Baffled in Vancouver

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Baffled in Vancouver

Postby ve7aop » Fri Dec 19, 2003 5:34 am

The A index is 6, the K index is 1 - the aurora oval is miles from my QTH, yet the bands are dead at 04:00 UTC - nothing for days. I am trying 40 and 30m. No problem before about 02:00UTC - lots of signals - no problem getting out - even DX once in awhile. But after the sun goes down, nothing. The FOT chart,, shows that something should be open from 0200 or 0300 on thorugh the night. Even the AM broadcast stations on 40 are weak and muted. NW7US reports "The very large coronal hole that has kept the geomagnetic field at active to minor storm levels is no longer in view. This is giving us a nice period of quiet geomagnetic activity, with the result being that we are seeing propagation that is more normal over most of the paths around the world." and "This translates to some very good conditions for the High Frequencies (HF). " However this is not correlating to my present experience. Please help me understand what is happening at night after 0300UTC between 7 and 10 MHz.
Thank you ,
Ralph - VE7AOP

The start of an answer...

Postby NW7US » Fri Dec 19, 2003 6:28 am


well, that is a great question. I am also in the middle of some research regarding the usage of frequencies in the 80 meter band at about the same time frame (0300 to 0600 UTC) for regional traffic.

The daily situation is more complex than just looking at the table of usable frequencies between two general areas (my chart). First, that chart was created using a more southerly West Coast location. And, the general area of the other end is very specific, and might not represent fringe areas.

Secondly, the chart shows the frequency most likely to be at the top of the range of frequencies that might be supported between the two locations. However, in the real world, other factors may change this.

Of course, we know that a geomagnetic field disturbance lowers the ionization of each ionospheric layer by some factor. This lowers the MUF from what is "normal." Other factors (like a high background X-ray level, or, the influence of a flare), may increase ionization - especially in the D-layer, causing a rise in the absorbed frequency - meaning that, starting at the lower HF frequencies, then moving higher in frequency depending on the intensity of the D-layer ionization, the signals will get absorbed. So, let's say that we expect 7 MHz to propagate beween the Southwestern area of the US and the Pacific Northwest. At the same time, we might have a higher background X-ray level that will keep the D-layer somewhat ionized (it is not true that the D-layer completely disappears at night, especially during the peak years of a solar cycle). So, let's say that the D-layer will partially absorb frequencies up to about 5 MHz, with some continued, but less, absorption up to, say, 8 MHz. That will degrade the predicted 7 MHz MUF. Some propagation of strong signals will occur, but the signals will be weakened. And so on...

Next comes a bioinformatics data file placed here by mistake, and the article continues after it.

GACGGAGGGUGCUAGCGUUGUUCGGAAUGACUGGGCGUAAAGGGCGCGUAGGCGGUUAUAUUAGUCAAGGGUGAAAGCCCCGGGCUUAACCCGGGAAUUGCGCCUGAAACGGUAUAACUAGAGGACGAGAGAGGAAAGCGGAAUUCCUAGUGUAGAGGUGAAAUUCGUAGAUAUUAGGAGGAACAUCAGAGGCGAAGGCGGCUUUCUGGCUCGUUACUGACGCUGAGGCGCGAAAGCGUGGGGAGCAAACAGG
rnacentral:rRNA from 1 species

Indeed, the background X-ray radiation is higher than it has been over the last week:

Code: Select all
#                         Sunspot       Stanford GOES12
#           Radio  SESC     Area          Solar  X-Ray  ------ Flares
#           Flux  Sunspot  10E-6   New     Mean  Bkgd    X-Ray